He rolled over and saw it in the full sunlight. His mouth sagged open. He tried to scoot away on his backside, but sheer terror paralyzed his muscles.
Deliberately it closed in.
A loose, blubbery wail came from Gordie's lips. His last wild thought was Not me-not me-I'm not a rabbit-not meeeeee -
His heart stopped before it even got its teeth in him.
Jenny was brushing her hair, really brushing it, feeling it crackle and lift by itself to meet the plastic bristles in the static electricity of this golden May afternoon. She gazed absently at her own reflection, seeing a girl with forest green eyes, dark as pine needles, and eyebrows that were straight, like two decisive brush strokes. The hair that lifted to meet the brush was the color of honey in sunlight.
"They didn't do it."
Jenny stopped abruptly. A girl was reflected behind her in the mirror.
The girl had dark hair and dark eyes reddened with crying. She looked poised for flight out of the bathroom.
"I said, they didn't do it. Slug and P.C. They didn't kill your friend Summer."
Oh. Jenny found herself gripping the brush hard, unable to even turn her head. She could only look at the girl's eyes reflected in the mirror, but she understood now. "I never said they did," she said softly and carefully. "I just told the police that they were around that night. And that they stole something from my living room. A paper house. A game."
"I hate you."
Shocked, Jenny turned.
"You and your preppy friends-you did it. You killed her yourselves. And someday everybody will know and you'll pay and you'll be sorry." The girl was twisting a Kleenex between slim olive-tan fingers, tearing it into little bits. Her long hair was absolutely straight except for the slight undersweep of the ends, and her dark eyes were pensive. She didn't belong at Vista Grande High; Jenny had never seen her before.
Jenny put the brush down and went to her, facing her directly. The girl looked taken aback.
"Why were you crying?" Jenny said gently.
"Why should you care? You're a soshe. You wear your fancy clothes to school and hang out with your rich friends-"
"Who's rich? What have my clothes got to do with it?" Jenny could feel her eyebrows come together. She looked pointedly at the girl's fashionably tattered designer jeans.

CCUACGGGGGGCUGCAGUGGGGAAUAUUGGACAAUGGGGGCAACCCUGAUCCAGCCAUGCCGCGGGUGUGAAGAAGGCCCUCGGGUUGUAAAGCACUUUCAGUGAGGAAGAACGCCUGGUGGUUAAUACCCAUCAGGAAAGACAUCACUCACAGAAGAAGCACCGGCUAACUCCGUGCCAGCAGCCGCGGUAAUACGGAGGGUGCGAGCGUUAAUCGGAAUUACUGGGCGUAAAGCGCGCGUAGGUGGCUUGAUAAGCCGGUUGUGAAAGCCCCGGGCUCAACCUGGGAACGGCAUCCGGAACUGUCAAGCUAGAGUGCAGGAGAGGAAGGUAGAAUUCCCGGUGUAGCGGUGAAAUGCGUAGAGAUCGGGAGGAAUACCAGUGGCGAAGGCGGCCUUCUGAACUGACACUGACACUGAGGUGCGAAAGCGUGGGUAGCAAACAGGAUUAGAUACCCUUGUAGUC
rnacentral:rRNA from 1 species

The girl spoke sullenly. "You're a soshe..."
Jenny grabbed her.
"I am not a soshe," she said fiercely. "I am a human being. So are you. So what is your problem?"
The girl wouldn't say anything. She twisted under Jenny's hands, and Jenny felt the small bones in her shoulders. Finally, almost spitting it in Jenny's face, she said, "P.C. was my friend. He never did anything to that girl. You and your friends did something, something so bad that you had to hide her body and tell those lies. But you just wait. I can prove P.C. didn't hurt her. I can prove it."
Despite the warm day, hairs rose on Jenny's arms. Her little fingers tingled.
"What do you mean?"
Something in her face must have scared the girl. "Never mind."
"No, you tell me. How could you prove it? Did you-"
"Let go of me!"
I'm being rough, Jenny realized. I'm never rough. But she couldn't seem to stop. Chills were sweeping over her, and she wanted to shake the information out of the girl.
"Did you see him or something?" she demanded. "Did he come home the next morning alone? Did you see what he did with the paper hou-"
Pain exploded against her shinbone. The girl had kicked her. Jenny lost her grip, and the girl wrenched away, running to the bathroom door.
"Wait! You don't understand-"
The girl jerked the door open and darted out. Jenny hopped after her, but by the time she looked up and down the second-story walkway, the girl was gone. There were only a few bits of twisted Kleenex on the concrete floor.
Jenny hobbled over to the nearest locker bay and looked into it. Nothing but students and lockers. Then she limped back and looked over the railing of the open walkway to the main courtyard. Nothing but students with lunches.
Young. The girl had been young, probably a ninth grader. Maybe she'd come from Magnolia Junior High. It was within walking distance.
Whoever she was, Jenny had to find her. Whoever she was, she'd seen something. She might know...
I left my purse in the bathroom, Jenny realized. She retrieved it and slowly walked back out.
The pay phone beside the bathroom was ringing. Jenny glanced around-two teachers were locking up a classroom, students were streaming down the stairs on each end of the building. Nobody seemed to be waiting for a call, nobody even seemed to notice the ringing.
Jenny lifted the receiver. "Hello," she said, feeling foolish.
She heard an electronic hiss, white noise. Then there was a click, and in the static she seemed to hear a low whispering in a male voice. It was distorted, drawn out, and there was something weird about the way the syllables were stressed. It sounded like one word whispered over and over.
A as in amble. Then a dragging, hissing sigh: ish. A... ish...
Shhshhshhshhshhshhshh. Click. In the background she heard something that might have been speech, a
sharp, staccato burst. Again, the rhythm was weird. It sounded like some very foreign language.
Bad connection, Jenny thought. She hung up.
Her little fingers were tingling again. But she didn't have time to think about it now. That girl had to be found.
I'd better get the others, Jenny thought.